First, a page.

Issue four is when he becomes the most arrogant. Usually I wouldn’t like seeing the protagonist act this way as he comes off as being quite rude, but he learns his lesson later on and sees his errors so I can kinda forgive him. After the manager lost some money and blamed it on Peter, Peter ran off and took that frustration out by letting a guy who robbed a nearby deli escape (hmmm, I wonder if this guy will play an important role later on). Soon after this, he has an argument with his aunt and uncle and runs off. When he returns home, he sees police surrounding his house and it is revealed that Uncle Ben dies (well I never saw that coming!). We also see glimpses of the Green Goblin looking for Peter but hes in the shadows so you can’t make out that much of him.
Issue five has him looking for Uncle Ben’s murderer to take revenge. Once he finds him its revealed that it’s the same guy who robbed the deli. this leads him to start becoming a hero. Issues six and seven ends the comic and we get our first big fight between Spidey (who now has web shooters and the complete costume) and the Green Goblin.
Spider-man in this is the kind of Spider-man I love the best. He’s relatable and you understand what he’s going through. He is pretty arrogant in this version, but it’s not completely out of left field as they establish ahead of time that he was bullied really badly at first so the fact that he’s now strong enough to stand up to his bullies results in him going overboard and becoming irresponsible. However the irresponsibleness (yes, I realize that that’s not a word) not only makes sense but also results in consequences that develops the characters further.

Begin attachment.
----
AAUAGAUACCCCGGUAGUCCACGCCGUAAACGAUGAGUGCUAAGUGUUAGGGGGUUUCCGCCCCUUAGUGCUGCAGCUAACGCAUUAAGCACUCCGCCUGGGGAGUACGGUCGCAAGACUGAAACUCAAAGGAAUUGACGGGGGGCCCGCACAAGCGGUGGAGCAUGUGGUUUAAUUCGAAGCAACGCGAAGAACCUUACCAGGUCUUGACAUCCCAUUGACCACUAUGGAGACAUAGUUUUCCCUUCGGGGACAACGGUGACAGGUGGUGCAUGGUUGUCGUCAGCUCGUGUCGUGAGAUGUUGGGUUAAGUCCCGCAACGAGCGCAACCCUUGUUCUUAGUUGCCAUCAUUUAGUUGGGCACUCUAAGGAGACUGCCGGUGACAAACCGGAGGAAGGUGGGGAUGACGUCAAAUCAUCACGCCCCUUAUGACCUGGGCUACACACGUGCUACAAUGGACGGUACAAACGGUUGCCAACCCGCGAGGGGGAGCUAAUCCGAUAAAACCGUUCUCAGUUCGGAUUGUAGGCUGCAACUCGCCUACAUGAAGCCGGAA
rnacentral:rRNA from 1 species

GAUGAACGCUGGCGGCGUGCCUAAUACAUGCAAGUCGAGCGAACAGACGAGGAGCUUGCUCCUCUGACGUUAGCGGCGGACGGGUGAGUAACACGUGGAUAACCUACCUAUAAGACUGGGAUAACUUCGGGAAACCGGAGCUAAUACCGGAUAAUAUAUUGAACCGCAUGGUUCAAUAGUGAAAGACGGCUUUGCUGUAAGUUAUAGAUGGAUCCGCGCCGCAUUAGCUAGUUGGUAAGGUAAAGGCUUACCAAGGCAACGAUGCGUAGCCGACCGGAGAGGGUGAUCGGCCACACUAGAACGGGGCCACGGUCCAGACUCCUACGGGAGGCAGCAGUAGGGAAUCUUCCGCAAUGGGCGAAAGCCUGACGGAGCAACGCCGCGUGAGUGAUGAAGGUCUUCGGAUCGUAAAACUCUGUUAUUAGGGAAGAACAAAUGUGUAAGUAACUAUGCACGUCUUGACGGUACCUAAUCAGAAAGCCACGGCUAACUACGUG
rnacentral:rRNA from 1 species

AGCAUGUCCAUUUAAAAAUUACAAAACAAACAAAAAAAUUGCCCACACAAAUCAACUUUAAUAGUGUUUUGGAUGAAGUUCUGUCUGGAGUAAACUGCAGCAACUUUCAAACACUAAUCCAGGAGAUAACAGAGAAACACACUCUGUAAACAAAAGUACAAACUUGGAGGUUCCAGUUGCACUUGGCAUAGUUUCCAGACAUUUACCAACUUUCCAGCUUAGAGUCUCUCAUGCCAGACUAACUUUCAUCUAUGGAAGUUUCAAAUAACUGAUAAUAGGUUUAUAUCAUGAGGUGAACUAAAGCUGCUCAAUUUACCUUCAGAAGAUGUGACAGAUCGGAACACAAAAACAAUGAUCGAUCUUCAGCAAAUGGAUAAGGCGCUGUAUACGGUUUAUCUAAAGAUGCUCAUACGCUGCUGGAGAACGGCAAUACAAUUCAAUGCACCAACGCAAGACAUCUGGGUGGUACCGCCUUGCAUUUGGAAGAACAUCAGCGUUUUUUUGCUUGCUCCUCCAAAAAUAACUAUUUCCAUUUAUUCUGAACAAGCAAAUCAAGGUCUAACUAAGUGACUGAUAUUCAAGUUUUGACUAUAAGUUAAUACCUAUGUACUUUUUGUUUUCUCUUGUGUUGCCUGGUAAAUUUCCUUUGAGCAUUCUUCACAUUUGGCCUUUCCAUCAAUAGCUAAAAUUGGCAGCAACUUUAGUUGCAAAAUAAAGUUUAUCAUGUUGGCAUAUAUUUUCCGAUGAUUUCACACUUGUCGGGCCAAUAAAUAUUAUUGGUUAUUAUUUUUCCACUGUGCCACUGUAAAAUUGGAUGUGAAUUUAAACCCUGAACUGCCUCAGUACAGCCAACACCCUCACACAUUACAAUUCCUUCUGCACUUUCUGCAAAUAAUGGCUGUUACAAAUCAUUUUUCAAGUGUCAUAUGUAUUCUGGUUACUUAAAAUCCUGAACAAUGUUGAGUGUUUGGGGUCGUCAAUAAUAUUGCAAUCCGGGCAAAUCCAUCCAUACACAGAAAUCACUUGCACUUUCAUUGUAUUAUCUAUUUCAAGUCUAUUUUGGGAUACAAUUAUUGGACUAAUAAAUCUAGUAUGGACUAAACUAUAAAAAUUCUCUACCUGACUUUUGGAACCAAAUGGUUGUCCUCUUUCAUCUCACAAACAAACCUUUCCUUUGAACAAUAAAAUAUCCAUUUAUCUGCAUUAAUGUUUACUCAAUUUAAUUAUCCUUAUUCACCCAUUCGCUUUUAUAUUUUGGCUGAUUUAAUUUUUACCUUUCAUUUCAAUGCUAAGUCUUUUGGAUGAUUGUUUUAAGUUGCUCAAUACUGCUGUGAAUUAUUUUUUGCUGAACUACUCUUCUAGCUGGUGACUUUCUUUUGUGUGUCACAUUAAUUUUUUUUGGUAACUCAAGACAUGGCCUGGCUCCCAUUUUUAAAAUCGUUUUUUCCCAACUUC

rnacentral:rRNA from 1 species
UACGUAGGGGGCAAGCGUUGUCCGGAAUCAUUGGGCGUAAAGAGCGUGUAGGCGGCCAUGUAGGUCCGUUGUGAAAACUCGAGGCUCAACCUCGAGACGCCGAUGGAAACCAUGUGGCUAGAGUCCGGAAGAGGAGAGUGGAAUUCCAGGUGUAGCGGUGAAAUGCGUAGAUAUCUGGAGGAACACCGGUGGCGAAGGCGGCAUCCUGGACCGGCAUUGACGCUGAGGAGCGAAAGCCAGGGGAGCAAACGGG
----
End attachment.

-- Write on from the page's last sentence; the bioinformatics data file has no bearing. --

Norman Osborn also makes sense to be the first villain he encounters since the spider was created by him. Once he learns that his genetic experiments are safe on humans (and by “safe” I mean it won’t kill them) he uses it on himself to become the Green Goblin. Green Goblin in this is much different than the 616 counterpart in a number of ways. The 616 version is human size, has the personality of Joker (classic Joker not modern super-psycho Joker), and flies around on his glider throwing pumpkin bombs. In this version he’s about 12-feet tall, looks less like a goblin and more like an ogre or an orc, doesn’t talk a lot, is more brute strength, and produces fire balls instead of throwing pumpkin bombs.